Journal article

A Key Motif in the Cholesterol-Dependent Cytolysins Reveals a Large Family of Related Proteins

Jordan C Evans, Bronte A Johnstone, Sara L Lawrence, Craig J Morton, Michelle P Christie, Michael W Parker, Rodney K Tweten

mBio | AMER SOC MICROBIOLOGY | Published : 2020


The cholesterol-dependent cytolysins (CDCs) are bacterial, β-barrel, pore-forming toxins. A central enigma of the pore-forming mechanism is how completion of the prepore is sensed to initiate its conversion to the pore. We identified a motif that is conserved between the CDCs and a diverse family of nearly 300 uncharacterized proteins present in over 220 species that span at least 10 bacterial and 2 eukaryotic phyla. Except for this motif, these proteins exhibit little similarity to the CDCs at the primary structure level. Studies herein show this motif is a critical component of the sensor that initiates the prepore-to-pore transition in the CDCs. We further show by crystallography, single ..

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Awarded by NIH NIAID

Awarded by Australian Research Council

Awarded by National Health and Medical Research Council of Australia Research Fellow

Funding Acknowledgements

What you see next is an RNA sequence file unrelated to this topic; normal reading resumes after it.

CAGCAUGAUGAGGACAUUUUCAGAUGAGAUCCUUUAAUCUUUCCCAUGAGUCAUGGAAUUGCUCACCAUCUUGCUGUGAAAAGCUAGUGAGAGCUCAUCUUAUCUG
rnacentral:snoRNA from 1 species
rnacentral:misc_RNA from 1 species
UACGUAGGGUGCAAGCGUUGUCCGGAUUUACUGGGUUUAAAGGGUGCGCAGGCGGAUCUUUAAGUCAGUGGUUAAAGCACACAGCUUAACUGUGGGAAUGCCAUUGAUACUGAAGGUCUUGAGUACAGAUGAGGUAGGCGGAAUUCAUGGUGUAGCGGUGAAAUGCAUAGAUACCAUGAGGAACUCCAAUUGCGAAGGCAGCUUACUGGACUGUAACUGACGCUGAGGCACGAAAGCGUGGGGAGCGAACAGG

This work was supported by a grant from the NIH NIAID (1R37AI037657) to R.K.T. and by grants from the Australian Research Council to M.W.P. and C.J.M. (DP160101874, DP200102871). Funding from the Victorian Government Operational Infrastructure Support Scheme to St Vincent's Institute is acknowledged. M.W.P. is a National Health and Medical Research Council of Australia Research Fellow (APP1117183). B.A.J. is supported by an Australian Government Research Training Program (RTP) Scholarship. This research was partly undertaken at the Australian Synchrotron, part of the Australian Nuclear Science and Technology Organization, and made use of the ACRF Detector on the MX2 beamline. We thank the beamline staff for their assistance. We thank Andrew Leis, Associate Sergey Rubanov, and Eric Hanssen from the Bio21 Advanced Microscopy Facility, Bio21 Institute (University of Melbourne). The technical support of Patricia Parrish and Elizabeth Caldwell is appreciated. Elizabethkingia anophelis strain AG1 was a generous gift from Jiannong Xu (New Mexico State University). J.C.E. designed and performed the experiments in Table 1 and Figures 1 to 5 to characterize the conserved motif, and so was assigned first position in the co-first authors. S.L.L. expressed, purified, crystallized, and collected X-ray diffraction data for the crystal structure. S.L.L. performed SDS-AGE analysis and S.L.L. and B.A.J. took negative stain EM images of CDCL/CDCLS. B.A.J. collected X-ray diffraction data and performed the single particle EM studies on CDCLS and CDCL/CDCLS pore structures. Therefore, B.A.J. and S.L.L. were assigned second and third positions in the co-first authors. C.J.M. constructed the PFO pore model and solved the CDCL crystal structure and so was assigned the fourth co-first author position. M.P.C. performed negative stain EM imaging of PFO mutants. R.K.T. and M.W.P. supervised the biochemical analysis and structural biology components of the work, respectively. All authors contributed to the preparation and writing of the manuscript.